1. Introduction

Apache Hadoop is an open-source software framework that efficiently stores and processes large datasets ranging from gigabytes to petabytes. Additionally, it utilizes a distributed file system called Hadoop Distributed File System (HDFS) to store data and employs the MapReduce programming model for data processing.

In this tutorial, we’ll walk through the step-by-step process of installing and configuring Hadoop on a Linux system. In particular, we’ll discuss everything from downloading the necessary files to setting up the required dependencies. Finally, we’ll access Hadoop via a Web interface.

2. Installing Java

To install Hadoop successfully, we first obtain and install the Java Development Kit (JDK) on the Linux system. Additionally, ensuring that the system is up-to-date is a good practice before proceeding with the installation.

2.1. Updating System Packages

First, let’s start by updating the system to fetch the latest package information from all configured sources:

$ sudo apt update && sudo apt upgrade -y

The update subcommand fetches the latest package information from all configured sources. Furthermore, the whole command updates the package lists for upgrades and installs any available upgrades.

2.2. Installing an Open-Source Java Development Kit (JDK)

After updating the system, we proceed to install the JDK package. In particular, we utilize an open-source package.

For an open-source JDK, let’s use the default-jdk package, which is a meta package for OpenJDK in most Debian-based systems:

$ sudo apt install default-jdk

This command starts the installation of OpenJDK. Additionally, the default-jdk package includes a comprehensive set of tools and libraries essential for Java development.

Once the installation is complete, we verify the installed version of Java on the system:

$ java -version
Picked up _JAVA_OPTIONS: -Dawt.useSystemAAFontSettings=on -Dswing.aatext=true
java version "21.0.1" 2023-10-17 LTS
Java(TM) SE Runtime Environment (build 21.0.1+12-LTS-29)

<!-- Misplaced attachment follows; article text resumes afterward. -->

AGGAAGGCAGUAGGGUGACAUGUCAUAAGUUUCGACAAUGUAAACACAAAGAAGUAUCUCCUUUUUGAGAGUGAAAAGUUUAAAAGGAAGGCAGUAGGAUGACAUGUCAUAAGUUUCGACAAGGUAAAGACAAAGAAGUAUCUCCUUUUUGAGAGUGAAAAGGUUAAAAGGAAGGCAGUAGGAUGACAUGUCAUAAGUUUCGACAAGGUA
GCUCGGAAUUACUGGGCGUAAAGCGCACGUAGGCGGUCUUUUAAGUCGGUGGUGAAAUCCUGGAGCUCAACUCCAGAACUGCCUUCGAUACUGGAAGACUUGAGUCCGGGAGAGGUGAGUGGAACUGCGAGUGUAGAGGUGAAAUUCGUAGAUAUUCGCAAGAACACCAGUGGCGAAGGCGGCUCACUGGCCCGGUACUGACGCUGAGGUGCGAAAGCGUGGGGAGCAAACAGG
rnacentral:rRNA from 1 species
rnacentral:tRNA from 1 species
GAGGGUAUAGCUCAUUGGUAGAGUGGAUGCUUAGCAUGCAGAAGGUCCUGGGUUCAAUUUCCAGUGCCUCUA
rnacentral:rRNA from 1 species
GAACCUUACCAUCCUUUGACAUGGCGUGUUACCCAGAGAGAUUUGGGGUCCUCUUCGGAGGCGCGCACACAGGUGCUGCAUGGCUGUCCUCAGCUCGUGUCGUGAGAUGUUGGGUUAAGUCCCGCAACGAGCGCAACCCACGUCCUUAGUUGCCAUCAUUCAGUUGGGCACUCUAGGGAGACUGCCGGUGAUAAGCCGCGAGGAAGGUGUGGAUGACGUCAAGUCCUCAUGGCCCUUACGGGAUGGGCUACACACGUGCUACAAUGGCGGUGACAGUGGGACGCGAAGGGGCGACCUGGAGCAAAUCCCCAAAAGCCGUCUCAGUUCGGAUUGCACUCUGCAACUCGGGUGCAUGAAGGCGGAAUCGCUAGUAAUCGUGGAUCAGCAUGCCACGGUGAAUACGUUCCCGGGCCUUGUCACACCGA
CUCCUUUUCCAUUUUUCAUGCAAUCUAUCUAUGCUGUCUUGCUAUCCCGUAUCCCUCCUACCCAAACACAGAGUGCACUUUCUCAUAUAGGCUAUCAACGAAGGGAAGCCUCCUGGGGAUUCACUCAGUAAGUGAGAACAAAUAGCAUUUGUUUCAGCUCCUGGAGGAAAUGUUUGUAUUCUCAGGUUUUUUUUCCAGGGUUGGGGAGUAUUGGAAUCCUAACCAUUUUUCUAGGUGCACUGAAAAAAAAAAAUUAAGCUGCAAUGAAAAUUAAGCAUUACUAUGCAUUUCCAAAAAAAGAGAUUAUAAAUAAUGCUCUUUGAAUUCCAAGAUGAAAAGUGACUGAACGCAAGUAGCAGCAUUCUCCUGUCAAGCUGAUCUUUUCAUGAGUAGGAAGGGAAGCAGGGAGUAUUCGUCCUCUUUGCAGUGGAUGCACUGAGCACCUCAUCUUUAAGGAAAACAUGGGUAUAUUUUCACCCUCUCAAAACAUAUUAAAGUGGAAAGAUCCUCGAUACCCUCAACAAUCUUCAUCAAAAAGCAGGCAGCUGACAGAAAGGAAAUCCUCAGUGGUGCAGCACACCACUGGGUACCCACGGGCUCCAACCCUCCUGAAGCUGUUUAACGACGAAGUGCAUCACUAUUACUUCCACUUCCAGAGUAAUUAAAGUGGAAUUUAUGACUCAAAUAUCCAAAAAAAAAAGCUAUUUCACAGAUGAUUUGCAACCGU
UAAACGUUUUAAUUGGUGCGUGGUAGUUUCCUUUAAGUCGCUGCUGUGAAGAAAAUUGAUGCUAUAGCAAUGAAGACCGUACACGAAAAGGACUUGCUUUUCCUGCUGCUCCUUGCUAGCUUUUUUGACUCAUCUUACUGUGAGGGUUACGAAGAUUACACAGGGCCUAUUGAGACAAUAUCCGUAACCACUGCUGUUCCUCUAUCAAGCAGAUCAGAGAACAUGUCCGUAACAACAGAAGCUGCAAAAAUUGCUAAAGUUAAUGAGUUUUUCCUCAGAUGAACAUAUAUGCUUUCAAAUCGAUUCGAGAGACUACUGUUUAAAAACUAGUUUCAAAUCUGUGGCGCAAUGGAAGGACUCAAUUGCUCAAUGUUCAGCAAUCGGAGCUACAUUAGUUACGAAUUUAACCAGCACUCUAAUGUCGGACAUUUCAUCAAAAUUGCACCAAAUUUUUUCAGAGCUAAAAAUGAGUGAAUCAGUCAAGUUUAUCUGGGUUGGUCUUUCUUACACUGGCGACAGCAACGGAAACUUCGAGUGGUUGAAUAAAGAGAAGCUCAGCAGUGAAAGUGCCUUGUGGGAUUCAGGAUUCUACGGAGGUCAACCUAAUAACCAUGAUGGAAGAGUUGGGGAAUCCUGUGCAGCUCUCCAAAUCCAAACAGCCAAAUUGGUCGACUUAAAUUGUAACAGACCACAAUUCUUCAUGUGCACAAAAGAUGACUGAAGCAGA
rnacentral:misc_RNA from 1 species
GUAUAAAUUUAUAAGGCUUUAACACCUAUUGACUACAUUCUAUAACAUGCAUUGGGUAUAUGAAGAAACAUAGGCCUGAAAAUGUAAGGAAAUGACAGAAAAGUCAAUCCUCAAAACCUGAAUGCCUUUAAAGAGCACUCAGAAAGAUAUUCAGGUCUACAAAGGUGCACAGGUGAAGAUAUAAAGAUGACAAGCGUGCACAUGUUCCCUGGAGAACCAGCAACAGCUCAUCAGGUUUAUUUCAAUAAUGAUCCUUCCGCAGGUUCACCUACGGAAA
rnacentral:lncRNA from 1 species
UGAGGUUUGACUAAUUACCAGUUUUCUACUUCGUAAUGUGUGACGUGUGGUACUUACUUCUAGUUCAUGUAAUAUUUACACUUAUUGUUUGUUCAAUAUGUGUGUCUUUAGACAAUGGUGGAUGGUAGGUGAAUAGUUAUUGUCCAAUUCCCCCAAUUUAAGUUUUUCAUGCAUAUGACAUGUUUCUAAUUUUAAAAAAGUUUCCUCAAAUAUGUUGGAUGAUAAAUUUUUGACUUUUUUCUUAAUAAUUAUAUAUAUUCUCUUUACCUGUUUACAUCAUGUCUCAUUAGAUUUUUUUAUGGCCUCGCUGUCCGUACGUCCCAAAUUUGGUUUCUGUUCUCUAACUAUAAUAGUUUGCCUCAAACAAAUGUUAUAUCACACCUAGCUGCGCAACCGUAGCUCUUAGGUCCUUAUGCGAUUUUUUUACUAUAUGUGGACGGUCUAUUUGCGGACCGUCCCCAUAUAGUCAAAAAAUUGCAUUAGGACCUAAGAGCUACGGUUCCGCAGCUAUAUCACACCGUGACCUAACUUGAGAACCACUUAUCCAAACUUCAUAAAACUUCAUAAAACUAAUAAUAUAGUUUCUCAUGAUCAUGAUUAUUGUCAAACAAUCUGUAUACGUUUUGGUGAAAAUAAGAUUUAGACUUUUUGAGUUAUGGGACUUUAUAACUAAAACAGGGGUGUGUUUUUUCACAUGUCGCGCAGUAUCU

Java HotSpot(TM) 64-Bit Server VM (build 21.0.1+12-LTS-29, mixed mode, sharing)

The output of this command displays the Java version, release date, and information about the JRE (Java Runtime Environment).

Additionally, with the JDK successfully installed, we now create a hadoop user and configure password-less SSH access.

3. Create hadoop User

Moving on, we create a dedicated user for Hadoop. In particular, this user is used to run Hadoop services and perform administrative tasks.

To add a new user called hadoop, we use the adduser command:

$ sudo adduser hadoop

Furthermore, to grant administrative privileges to the hadoop user, we add them to the sudo group:

$ sudo usermod -aG sudo hadoop

Finally, we switch to the newly created hadoop user:

$ sudo su - hadoop

By switching to the hadoop user, we ensure that all subsequent commands are executed with the appropriate permissions.

4. Configure Password-less SSH Access

To enable seamless communication between nodes in a Hadoop cluster, let’s configure password-less SSH access. Specifically, doing so enables the Hadoop daemons to securely communicate with each other without requiring manual authentication.

4.1. Install OpenSSH

First, we install the OpenSSH server and client:

$ apt install openssh-server openssh-client -y

This command installs OpenSSH on the Linux system and ensures the server and client components are available.

Additionally, by default, the OpenSSH service is started automatically after installation. Let’s verify the SSH service status:

$ systemctl status ssh
● sshd.service - OpenSSH server daemon
     Loaded: loaded (/usr/lib/systemd/system/sshd.service; enabled; preset: disabled)
     Active: (running) since Mon 2024-03-18 15:04 WAT; 1h 1min ago
       Docs: man:sshd(8) man:sshd_config(5)
     Main PID: 4308 (sshd)
      Tasks: 1 (limit: 18957)
     Memory: 2.2M CPU: 38ms
    CGroup: /system.slice/sshd.service
 └─4308 "sshd: /usr/sbin/sshd -D [listener] 0 of 10-100 startups"

This command shows the sshd service is active and running.

4.2. Generate SSH Key Pair

Next, to generate an SSH key, we use the ssh-keygen command:

$ ssh-keygen -t rsa -P "" -f ~/.ssh/id_rsa
Generating public/private rsa key pair.
/home/hdoop/.ssh/id_rsa already exists.
Overwrite (y/n)? y
Your identification has been saved in /home/hdoop/.ssh/id_rsa
Your public key has been saved in /home/hdoop/.ssh/id_rsa.pub
The key fingerprint is:
SHA256:09K2smH7S2nmCAG8PpYM7jkNVCvYJ8HbDtWbO7U+Hes hdoop@kali
The key's randomart image is:
+---[RSA 3072]----+